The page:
North American Review

Illustration by Tom Moore

I’ve never cared for essays that compare the act of writing to some other activity. For example: “Writing is like swimming.” Or “Writing is like mushroom hunting.” Or “Writing is like wrestling.” I’ve seen all sorts of attempts over the years to box writing up into a convenient metaphor. But to what end? It might be useful in a freshman poetry workshop, but a seasoned writer can only take solace in such similes when they are incapable of or unwilling to write anything they’re happy...

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Matthew Schaefer

 

This Past Perfect will also appear in NAR's Summer 2017 issue, which will be available for pre-order here.

     It sounds like the set-up for a bad joke: “The President, the Press Secretary and the White House Press Corps walk into a room . . .” It may well be a bad joke, but the punch line remains elusive. Each of the primary agents in this now-...

Illustration by Jessica Mercado

     Poetry gives me a chance to document reality in an emotional way.

     I have lived in New Mexico for twenty-three years now. I bought my house nine days after I drove into town. From the start, I loved watching the way the clouds bubbled and shifted. The light blistered like a lit match, especially on overcast days, and I realized I needed this sort of glory. The climate was nearly perfect. Summers were not too warm and never sticky like the East Coast had been. And they came...

Mizna

This blog originally appeared as the introduction to a section of Arab American Poetry in NAR 302.2 (Spring 2017).

If there were ever a time for politically galvanizing literature, this is it. But, perhaps not in the way you might expect. It’s true that hateful political rhetoric has won the day and is making way for a bewildering political reality. The intolerance that has been normalized is sobering...

Matt Manley Art

As the semester ends, I find myself trying to gauge the slipperiness of this thing called improvement. Has Dave’s portfolio of writing displayed that he’s become a better poet this semester? Yes, his specifics are more specific, his forms more formed, but there’s something I realize I haven’t talked about enough: happenstance. The beauty of it. The necessity.

In my desire to impart the craft of poetry, I didn’t emphasize enough the chance of poetry. And chance is what gives life,...

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Gift Tower

When I read Siddhartha in Mrs. Stevens’ World Lit class,

the problem I had was reconciling the somber, skinny,

 

beneath-the-lotus-tree Buddha with the smiling,

fat-bellied, shiny golden Buddha beside the register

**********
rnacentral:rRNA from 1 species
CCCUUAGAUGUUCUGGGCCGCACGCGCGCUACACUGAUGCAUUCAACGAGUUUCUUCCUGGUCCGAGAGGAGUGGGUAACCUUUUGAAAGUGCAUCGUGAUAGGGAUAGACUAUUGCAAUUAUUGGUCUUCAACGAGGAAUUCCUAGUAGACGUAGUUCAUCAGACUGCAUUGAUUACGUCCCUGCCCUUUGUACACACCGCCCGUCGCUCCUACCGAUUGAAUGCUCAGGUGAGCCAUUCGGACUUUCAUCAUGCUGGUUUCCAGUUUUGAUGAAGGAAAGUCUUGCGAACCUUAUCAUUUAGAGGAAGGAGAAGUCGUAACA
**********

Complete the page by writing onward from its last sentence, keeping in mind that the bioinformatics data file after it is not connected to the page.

...
Orion on the Dunes

Note: This interview was begun informally in person, and then continued more formally through email.

Charlotte Zoe Walker: Orion on the Dunes strikes me as a brilliant example of the art of biography. Were there any particular biographers who you thought of as role models while you were researching and writing this book? What aspects of their work were most helpful to you?

 

Daniel G. Payne:...

Signed Message from Tolan

In 1998, I was living in a small, unclean apartment in the heart of Brooklyn. It was summer, and I was confused, and I decided that the only thing that would help me overcome my confusion was a very long cross country drive, and the only thing keeping me from that drive was the apartment itself, and so I needed, desperately, a subletter. I put out all my feelers, describing the place as “well-lit.” A few days later, a friend from Teachers & Writers...

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Twenty-two nonprofit poetry organizations from across the United States have formed a Poetry Coalition.

Throughout the month of March, the Poetry Coalition presents programs on the theme “Because We Come From Everything: Poetry & Migration.” The theme borrows a line from U.S. Poet Laureate Juan Felipe Herrera’s poem, “Borderbus.”

Now, more than ever, these organizations believe that poetry has a positive role to play in our country. It is through reading, writing, and...

Illustration of Candle by Melanie Lambrick

My recent return from yet another AWP (Association of Writers & Writing Programs) Conference, this one in the city where I spent an embarrassing portion of my time as a graduate student haunting second-hand bookstores and dark, empty bars, I’m reminded of what it is that exhausts me about every conference, every workshop, every book fair or reading that I engage in these days:  It’s the people.  I know, I know.  This is not something one admits to if one wants to be successful in the...

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